(Blame it on blogger’s block! Sorry for the delay in presenting the final part.)
The small meal on the verandah on that rainy night changed Madhavan Namboodiri’s life forever. Malathiamma was aghast to hear his tale of penury. He stayed in the dilapidated illam in the next village which had no money but eight mouths to feed. He was the only man in the illam without a karnavar to lord over the household. His mother cooked food in other illams and looked after the family with whatever little money or food that came her way. It was literally, a hand-to-mouth existence.
Madhavan had strayed into the village because his hunger took his feet as far as they could take him. After the meal was had, Malathiamma asked him to lie down in the pathayappura (where grain was usually stored) as the rain was now coming down in torrents. Madhavan was sure no one would miss him. After a long time, he was going to sleep on a full stomach. He dreamed happy dreams – of pazhamporis glistening with oil, crispy parippu vadas and thick kaalan. (all his favourites.)
It was 4am and long before the first wisps of sunlight came into view, Malathiamma saw Madhavan coming from the kolam soaked – still in yesterday’s mundu. The shirt, obviously washed, was in his hands. She felt sorry for him and gave him Balan’s old mundu and a towel to wrap around his upper body till the shirt was put to dry in the sun.
The rest of the house was just stirring and in a few minutes, was staring wide-eyed at the visitor – Radha, Radhika, Balan, Shyamala and even little Nandu. Malathiamma told Madhavan, “Go inside and say your prayers. I will speak to you after that.”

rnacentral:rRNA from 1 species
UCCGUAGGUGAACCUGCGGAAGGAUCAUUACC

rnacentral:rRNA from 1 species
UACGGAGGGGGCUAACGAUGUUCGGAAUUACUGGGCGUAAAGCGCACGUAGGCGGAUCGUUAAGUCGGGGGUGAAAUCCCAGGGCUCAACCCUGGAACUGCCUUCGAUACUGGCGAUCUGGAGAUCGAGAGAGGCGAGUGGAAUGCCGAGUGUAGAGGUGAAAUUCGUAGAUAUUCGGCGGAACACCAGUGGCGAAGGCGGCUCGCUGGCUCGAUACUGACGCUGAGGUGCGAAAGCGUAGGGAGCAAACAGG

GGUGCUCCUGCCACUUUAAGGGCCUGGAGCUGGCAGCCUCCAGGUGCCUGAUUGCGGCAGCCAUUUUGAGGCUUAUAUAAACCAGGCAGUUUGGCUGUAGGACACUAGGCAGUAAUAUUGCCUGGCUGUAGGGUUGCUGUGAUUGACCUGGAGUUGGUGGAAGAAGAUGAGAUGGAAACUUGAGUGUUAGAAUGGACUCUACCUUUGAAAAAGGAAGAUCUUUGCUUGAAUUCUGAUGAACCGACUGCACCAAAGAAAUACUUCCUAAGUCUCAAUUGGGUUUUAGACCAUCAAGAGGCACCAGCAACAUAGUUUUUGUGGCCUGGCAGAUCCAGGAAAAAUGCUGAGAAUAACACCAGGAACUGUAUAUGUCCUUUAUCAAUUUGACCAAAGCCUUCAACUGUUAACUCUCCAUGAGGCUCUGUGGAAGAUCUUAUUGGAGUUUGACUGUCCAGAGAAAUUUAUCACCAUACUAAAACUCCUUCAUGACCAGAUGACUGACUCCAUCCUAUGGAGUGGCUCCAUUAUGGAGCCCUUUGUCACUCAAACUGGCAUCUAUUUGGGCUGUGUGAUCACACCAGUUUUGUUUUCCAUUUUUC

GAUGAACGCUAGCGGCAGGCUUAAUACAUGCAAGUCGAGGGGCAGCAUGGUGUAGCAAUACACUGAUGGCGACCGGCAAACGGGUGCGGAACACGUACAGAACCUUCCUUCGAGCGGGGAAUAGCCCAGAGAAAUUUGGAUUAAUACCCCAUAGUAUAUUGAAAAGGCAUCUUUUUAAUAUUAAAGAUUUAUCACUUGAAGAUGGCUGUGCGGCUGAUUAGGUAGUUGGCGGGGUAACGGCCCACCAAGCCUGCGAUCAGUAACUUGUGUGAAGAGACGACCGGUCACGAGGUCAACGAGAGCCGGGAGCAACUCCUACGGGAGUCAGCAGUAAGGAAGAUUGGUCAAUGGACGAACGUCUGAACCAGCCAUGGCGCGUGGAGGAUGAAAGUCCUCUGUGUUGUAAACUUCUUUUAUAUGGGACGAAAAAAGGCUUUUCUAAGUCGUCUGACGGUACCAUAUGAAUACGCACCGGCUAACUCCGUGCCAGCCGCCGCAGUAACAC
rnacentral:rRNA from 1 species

It was now upto Malathiamma to explain Madhavan’s presence which she did, adding, “This boy will now work here. And I don’t want to hear anything!”, already pre-empting accusation of ‘who, why, where, and what if he turns out to be a thief’. But the sternness in her voice stopped them. Malathiamma took matriarchy to considerable extremes!
Well, she had this blind faith in this Namboodirikutti. Even if he was from a superior caste. She would change her ways. Give up fish. Make meals only after having a bath. And a lot of other things… And she would prove she was right in her decision.
Even if it came many years later as Madhavankutty returned to the district and village as Collector. And home to pazhamporis glistening with coconut oil, crispy vadas and a feast fit for a king with kaalan occupying pride of place on the banana leaf.
And tears streaming down Malathiamma’s face.
Faith. Belief. They do change lives!